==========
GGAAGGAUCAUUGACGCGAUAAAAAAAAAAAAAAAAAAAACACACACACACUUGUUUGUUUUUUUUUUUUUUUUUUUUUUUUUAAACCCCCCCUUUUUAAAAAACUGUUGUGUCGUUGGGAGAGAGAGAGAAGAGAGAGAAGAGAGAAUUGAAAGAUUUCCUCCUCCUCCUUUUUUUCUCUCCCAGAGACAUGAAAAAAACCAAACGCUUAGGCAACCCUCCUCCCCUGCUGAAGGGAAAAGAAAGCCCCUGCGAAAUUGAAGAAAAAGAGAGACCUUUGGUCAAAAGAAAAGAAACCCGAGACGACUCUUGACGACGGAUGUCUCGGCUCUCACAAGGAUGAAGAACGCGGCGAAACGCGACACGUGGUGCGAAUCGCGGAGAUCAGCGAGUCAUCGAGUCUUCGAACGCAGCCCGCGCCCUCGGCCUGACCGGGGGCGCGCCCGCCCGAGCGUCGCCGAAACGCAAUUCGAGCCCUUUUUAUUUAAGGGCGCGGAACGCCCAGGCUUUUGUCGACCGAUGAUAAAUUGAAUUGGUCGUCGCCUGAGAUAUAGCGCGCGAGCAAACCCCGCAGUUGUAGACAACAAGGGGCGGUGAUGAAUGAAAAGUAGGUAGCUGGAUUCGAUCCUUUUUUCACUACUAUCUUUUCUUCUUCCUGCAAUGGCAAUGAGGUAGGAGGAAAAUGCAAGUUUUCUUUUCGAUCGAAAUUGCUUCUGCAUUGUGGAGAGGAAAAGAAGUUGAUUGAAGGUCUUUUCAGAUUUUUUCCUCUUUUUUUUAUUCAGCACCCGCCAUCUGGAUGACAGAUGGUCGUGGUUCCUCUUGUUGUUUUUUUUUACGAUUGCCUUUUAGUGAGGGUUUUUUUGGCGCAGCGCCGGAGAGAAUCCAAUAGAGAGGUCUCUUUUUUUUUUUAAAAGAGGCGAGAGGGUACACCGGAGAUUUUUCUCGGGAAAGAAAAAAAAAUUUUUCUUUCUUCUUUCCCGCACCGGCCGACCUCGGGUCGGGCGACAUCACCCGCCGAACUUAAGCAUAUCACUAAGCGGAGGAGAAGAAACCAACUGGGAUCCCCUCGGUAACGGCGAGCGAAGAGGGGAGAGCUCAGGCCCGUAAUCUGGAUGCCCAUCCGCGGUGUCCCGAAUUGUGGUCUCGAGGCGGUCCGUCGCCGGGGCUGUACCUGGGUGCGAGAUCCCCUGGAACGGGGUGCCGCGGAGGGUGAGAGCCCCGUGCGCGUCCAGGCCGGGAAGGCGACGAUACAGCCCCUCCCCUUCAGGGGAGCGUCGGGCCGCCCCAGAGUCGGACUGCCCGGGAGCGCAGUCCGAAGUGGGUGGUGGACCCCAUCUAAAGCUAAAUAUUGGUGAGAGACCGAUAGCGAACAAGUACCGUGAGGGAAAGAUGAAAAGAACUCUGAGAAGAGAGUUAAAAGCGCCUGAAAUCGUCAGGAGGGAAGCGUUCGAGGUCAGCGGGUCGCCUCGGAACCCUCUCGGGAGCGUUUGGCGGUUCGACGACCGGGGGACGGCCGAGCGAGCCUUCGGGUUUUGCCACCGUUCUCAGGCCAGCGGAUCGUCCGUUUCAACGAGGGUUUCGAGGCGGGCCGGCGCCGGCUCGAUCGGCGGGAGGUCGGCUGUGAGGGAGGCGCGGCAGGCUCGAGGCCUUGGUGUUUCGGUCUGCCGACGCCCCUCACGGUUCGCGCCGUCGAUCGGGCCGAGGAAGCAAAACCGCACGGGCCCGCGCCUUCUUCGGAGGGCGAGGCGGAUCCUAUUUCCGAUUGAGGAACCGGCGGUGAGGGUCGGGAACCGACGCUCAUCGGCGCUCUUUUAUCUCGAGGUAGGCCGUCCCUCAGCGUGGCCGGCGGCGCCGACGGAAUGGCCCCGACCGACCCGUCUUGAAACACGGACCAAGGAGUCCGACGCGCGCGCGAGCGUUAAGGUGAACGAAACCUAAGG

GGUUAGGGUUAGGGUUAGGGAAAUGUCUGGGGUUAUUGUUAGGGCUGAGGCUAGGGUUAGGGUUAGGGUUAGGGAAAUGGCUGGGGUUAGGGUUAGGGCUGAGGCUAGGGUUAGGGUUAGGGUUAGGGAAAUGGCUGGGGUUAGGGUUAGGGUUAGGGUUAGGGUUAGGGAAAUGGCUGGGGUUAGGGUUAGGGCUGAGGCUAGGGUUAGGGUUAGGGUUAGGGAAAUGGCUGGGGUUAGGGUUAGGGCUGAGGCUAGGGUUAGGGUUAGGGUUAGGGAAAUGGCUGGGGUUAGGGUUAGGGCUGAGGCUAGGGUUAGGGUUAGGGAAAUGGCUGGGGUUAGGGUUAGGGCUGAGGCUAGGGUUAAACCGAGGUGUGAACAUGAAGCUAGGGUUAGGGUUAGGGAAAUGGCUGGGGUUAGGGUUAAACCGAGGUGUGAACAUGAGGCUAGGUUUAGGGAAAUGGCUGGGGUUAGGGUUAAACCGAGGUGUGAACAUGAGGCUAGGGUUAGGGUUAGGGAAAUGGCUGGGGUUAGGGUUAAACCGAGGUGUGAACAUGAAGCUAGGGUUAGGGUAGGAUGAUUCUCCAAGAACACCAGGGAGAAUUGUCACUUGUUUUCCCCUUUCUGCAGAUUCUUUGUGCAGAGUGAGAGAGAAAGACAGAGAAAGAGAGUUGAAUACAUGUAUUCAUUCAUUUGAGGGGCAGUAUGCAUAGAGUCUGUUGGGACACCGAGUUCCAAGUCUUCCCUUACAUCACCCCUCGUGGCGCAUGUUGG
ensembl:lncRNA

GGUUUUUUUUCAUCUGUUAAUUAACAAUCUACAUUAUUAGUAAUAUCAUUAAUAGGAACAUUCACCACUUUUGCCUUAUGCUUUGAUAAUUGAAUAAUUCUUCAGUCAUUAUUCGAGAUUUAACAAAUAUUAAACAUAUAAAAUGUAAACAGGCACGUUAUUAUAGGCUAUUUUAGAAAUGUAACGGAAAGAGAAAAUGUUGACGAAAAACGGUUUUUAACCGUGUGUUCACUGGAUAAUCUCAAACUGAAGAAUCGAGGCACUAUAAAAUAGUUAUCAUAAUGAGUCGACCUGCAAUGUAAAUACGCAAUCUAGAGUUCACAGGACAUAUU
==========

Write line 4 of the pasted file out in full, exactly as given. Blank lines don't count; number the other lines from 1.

GGUUUUUUUUCAUCUGUUAAUUAACAAUCUACAUUAUUAGUAAUAUCAUUAAUAGGAACAUUCACCACUUUUGCCUUAUGCUUUGAUAAUUGAAUAAUUCUUCAGUCAUUAUUCGAGAUUUAACAAAUAUUAAACAUAUAAAAUGUAAACAGGCACGUUAUUAUAGGCUAUUUUAGAAAUGUAACGGAAAGAGAAAAUGUUGACGAAAAACGGUUUUUAACCGUGUGUUCACUGGAUAAUCUCAAACUGAAGAAUCGAGGCACUAUAAAAUAGUUAUCAUAAUGAGUCGACCUGCAAUGUAAAUACGCAAUCUAGAGUUCACAGGACAUAUU